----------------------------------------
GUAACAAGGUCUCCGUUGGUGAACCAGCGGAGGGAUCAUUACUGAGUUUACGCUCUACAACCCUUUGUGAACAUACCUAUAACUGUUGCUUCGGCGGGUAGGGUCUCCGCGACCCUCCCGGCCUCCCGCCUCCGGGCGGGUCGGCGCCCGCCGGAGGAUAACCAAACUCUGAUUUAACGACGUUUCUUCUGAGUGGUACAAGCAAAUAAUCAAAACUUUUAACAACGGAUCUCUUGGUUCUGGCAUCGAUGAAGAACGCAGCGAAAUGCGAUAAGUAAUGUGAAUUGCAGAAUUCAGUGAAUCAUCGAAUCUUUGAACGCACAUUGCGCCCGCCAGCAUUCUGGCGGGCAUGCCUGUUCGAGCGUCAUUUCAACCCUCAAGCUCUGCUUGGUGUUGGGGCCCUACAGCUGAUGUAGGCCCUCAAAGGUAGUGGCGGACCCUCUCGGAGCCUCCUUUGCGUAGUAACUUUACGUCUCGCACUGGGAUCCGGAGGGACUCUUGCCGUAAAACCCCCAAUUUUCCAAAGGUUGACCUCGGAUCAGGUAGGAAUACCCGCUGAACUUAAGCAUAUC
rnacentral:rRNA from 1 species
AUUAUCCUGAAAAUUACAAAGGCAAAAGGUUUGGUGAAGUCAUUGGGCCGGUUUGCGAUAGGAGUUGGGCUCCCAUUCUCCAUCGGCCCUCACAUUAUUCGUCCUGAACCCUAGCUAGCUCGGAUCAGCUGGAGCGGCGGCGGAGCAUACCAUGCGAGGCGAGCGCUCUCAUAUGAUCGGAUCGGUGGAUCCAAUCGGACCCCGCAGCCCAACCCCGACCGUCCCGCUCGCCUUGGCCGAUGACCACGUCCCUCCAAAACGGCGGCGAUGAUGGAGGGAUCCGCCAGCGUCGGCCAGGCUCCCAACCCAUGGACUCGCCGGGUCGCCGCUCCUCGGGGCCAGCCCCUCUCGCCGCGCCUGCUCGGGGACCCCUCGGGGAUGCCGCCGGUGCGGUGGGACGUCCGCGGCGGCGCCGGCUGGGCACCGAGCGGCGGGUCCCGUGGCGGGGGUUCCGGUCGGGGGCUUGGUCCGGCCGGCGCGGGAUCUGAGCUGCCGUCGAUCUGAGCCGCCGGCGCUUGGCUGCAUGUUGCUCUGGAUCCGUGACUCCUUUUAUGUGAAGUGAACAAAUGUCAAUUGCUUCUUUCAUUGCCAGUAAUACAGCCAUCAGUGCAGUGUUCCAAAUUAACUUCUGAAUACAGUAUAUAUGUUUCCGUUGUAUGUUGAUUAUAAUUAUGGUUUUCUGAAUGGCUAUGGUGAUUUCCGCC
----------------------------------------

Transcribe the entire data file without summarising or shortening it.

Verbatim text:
GUAACAAGGUCUCCGUUGGUGAACCAGCGGAGGGAUCAUUACUGAGUUUACGCUCUACAACCCUUUGUGAACAUACCUAUAACUGUUGCUUCGGCGGGUAGGGUCUCCGCGACCCUCCCGGCCUCCCGCCUCCGGGCGGGUCGGCGCCCGCCGGAGGAUAACCAAACUCUGAUUUAACGACGUUUCUUCUGAGUGGUACAAGCAAAUAAUCAAAACUUUUAACAACGGAUCUCUUGGUUCUGGCAUCGAUGAAGAACGCAGCGAAAUGCGAUAAGUAAUGUGAAUUGCAGAAUUCAGUGAAUCAUCGAAUCUUUGAACGCACAUUGCGCCCGCCAGCAUUCUGGCGGGCAUGCCUGUUCGAGCGUCAUUUCAACCCUCAAGCUCUGCUUGGUGUUGGGGCCCUACAGCUGAUGUAGGCCCUCAAAGGUAGUGGCGGACCCUCUCGGAGCCUCCUUUGCGUAGUAACUUUACGUCUCGCACUGGGAUCCGGAGGGACUCUUGCCGUAAAACCCCCAAUUUUCCAAAGGUUGACCUCGGAUCAGGUAGGAAUACCCGCUGAACUUAAGCAUAUC
rnacentral:rRNA from 1 species
AUUAUCCUGAAAAUUACAAAGGCAAAAGGUUUGGUGAAGUCAUUGGGCCGGUUUGCGAUAGGAGUUGGGCUCCCAUUCUCCAUCGGCCCUCACAUUAUUCGUCCUGAACCCUAGCUAGCUCGGAUCAGCUGGAGCGGCGGCGGAGCAUACCAUGCGAGGCGAGCGCUCUCAUAUGAUCGGAUCGGUGGAUCCAAUCGGACCCCGCAGCCCAACCCCGACCGUCCCGCUCGCCUUGGCCGAUGACCACGUCCCUCCAAAACGGCGGCGAUGAUGGAGGGAUCCGCCAGCGUCGGCCAGGCUCCCAACCCAUGGACUCGCCGGGUCGCCGCUCCUCGGGGCCAGCCCCUCUCGCCGCGCCUGCUCGGGGACCCCUCGGGGAUGCCGCCGGUGCGGUGGGACGUCCGCGGCGGCGCCGGCUGGGCACCGAGCGGCGGGUCCCGUGGCGGGGGUUCCGGUCGGGGGCUUGGUCCGGCCGGCGCGGGAUCUGAGCUGCCGUCGAUCUGAGCCGCCGGCGCUUGGCUGCAUGUUGCUCUGGAUCCGUGACUCCUUUUAUGUGAAGUGAACAAAUGUCAAUUGCUUCUUUCAUUGCCAGUAAUACAGCCAUCAGUGCAGUGUUCCAAAUUAACUUCUGAAUACAGUAUAUAUGUUUCCGUUGUAUGUUGAUUAUAAUUAUGGUUUUCUGAAUGGCUAUGGUGAUUUCCGCC